Charge Cards

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Wikis > Charge Cards

Definition

Charge cards provides a payment method that allows the cardholder to make purchases which are paid for by the card issuer, to whom the cardholder becomes indebted. The cardholder is required to repay the debt in full to the card issuer by the due date outlined in the contract, which is usually on a monthly basis. If the cardholder does not meet this requirement, they are subject to late fees and restrictions on further card use.

Charge cards are a great source of funding for a startup’s short-term purchases that can be repaid within the limited, predetermined amount of time. In other instances, businesses will utilize a charge card in order to self restrain their spending habits as the must be paid in full by the due date, which again is typically every month. Issuers typically offer some sort of rewards program or other benefits such as spending tracking and online banking, though every issuer operates differently. D

The main difference between a credit card and a charge card is the lack of interest rates and spending limits offered by charge cards. Charge cards have no interest rates because the borrower is required to pay off the entire balance on the card each month. There is no option to pay the minimum amount as with a credit card. There are however, fees associated with failure of payment.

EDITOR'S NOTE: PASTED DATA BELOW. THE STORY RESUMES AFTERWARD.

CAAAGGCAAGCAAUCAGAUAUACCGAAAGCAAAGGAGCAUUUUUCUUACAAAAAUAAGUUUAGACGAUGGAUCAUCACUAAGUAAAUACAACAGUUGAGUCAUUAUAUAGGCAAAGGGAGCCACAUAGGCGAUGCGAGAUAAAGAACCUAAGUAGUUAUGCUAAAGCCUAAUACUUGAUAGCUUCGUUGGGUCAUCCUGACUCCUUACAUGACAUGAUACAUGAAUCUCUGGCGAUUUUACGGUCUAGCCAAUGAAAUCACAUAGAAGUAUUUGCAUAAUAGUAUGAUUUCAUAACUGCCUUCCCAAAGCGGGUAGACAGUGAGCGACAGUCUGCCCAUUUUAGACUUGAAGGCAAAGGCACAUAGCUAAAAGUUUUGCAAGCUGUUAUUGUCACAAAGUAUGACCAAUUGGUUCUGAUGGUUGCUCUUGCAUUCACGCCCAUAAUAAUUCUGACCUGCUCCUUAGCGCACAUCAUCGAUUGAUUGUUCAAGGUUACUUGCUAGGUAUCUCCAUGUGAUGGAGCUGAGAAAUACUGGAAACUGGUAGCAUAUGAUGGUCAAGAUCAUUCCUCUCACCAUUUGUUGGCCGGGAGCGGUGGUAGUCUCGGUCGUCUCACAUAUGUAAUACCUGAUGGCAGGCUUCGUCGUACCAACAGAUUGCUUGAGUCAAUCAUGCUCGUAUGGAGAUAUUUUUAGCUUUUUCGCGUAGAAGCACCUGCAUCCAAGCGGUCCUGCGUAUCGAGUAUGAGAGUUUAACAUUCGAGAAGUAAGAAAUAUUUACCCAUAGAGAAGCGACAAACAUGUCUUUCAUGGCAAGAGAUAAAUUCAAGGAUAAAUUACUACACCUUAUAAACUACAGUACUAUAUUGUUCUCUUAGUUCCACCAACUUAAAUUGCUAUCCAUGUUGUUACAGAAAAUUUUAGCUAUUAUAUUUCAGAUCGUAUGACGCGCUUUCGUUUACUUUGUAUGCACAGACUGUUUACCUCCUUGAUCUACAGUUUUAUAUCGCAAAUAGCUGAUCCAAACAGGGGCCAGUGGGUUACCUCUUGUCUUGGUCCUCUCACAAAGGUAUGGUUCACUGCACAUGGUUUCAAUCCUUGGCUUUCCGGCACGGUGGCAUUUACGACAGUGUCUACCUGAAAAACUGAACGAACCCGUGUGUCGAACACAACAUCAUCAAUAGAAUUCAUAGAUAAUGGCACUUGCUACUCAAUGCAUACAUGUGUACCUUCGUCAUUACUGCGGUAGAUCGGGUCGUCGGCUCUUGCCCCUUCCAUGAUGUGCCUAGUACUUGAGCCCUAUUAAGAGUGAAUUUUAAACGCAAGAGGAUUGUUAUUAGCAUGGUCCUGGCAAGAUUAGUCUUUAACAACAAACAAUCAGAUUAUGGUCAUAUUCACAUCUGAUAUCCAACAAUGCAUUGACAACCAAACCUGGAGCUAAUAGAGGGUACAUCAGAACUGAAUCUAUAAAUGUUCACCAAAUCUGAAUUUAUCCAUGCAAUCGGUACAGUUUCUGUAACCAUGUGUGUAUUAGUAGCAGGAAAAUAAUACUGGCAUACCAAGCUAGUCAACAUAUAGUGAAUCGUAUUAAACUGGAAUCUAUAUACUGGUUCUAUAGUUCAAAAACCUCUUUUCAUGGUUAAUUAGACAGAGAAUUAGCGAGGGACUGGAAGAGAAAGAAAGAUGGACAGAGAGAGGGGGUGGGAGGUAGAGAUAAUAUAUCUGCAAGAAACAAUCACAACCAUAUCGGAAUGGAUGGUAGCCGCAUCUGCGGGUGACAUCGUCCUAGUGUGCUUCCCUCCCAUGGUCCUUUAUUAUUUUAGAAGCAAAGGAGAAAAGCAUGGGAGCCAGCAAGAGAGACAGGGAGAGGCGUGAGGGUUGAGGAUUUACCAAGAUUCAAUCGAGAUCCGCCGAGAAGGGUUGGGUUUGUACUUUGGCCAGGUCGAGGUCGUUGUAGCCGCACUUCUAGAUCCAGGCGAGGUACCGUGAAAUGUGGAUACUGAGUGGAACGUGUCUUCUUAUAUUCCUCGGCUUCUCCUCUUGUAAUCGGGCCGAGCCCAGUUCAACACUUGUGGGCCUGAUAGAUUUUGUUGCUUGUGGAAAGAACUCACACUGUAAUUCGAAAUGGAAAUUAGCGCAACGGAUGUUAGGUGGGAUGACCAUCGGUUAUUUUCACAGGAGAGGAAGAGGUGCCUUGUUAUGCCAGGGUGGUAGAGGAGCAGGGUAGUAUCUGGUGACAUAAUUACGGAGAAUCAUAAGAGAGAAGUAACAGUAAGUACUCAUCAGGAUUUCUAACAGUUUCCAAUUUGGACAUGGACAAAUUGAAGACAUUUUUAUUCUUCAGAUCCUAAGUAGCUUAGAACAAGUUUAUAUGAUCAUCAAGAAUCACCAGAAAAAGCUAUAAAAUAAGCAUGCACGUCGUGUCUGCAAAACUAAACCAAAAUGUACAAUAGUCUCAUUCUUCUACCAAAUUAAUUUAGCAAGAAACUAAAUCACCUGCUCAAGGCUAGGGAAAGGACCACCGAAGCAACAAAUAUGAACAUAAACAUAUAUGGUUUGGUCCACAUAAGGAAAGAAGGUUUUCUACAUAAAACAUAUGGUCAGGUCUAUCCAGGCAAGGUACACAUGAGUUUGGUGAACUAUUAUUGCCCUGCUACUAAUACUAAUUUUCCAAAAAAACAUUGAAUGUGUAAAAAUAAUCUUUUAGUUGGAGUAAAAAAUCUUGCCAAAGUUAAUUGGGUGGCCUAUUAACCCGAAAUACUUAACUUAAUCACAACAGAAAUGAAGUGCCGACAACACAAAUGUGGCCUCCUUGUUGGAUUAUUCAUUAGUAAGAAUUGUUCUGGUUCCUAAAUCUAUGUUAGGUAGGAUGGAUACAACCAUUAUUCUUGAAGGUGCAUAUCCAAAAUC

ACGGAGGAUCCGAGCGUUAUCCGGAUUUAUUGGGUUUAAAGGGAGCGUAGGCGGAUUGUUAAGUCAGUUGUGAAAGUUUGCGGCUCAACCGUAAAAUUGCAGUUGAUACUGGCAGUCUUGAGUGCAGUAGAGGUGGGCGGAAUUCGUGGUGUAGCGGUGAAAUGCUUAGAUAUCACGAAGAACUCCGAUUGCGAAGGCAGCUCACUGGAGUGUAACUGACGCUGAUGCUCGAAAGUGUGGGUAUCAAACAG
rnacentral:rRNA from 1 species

Use

Typically, charge cards allow cardholders to pay for their purchases over a period of time as a form of financing. For example, American Express charge cardholders can opt into the Extended Payment Option allowing them to pay for expenses over $200 over a longer period of time.

Charge cards typically have a clause titled No Preset Spending limit. Many cardholders believe this to mean that their charge cards do not have ceiling as far as how much they can charge. However, this is not the case. The No Preset Spending Limit really means that the limit on any cardholder’s charge card is subject to change, even from month to month, based on a multitude of factors such as spending habits, payment history and economic trends in general. Furthermore, as charge card issuers reporting habbits to the major credit bureaus vary per issues, changes in credit utilization may occur artificially pending the reported credit scores.

Lastly, large businesses and even government departments will often use charge cards to pay for and keep track of expenses similar to how an individual will use a personal debit or purchasing card. Additionally, some high-end retailers like Nordstroms will issue charge cards to customers.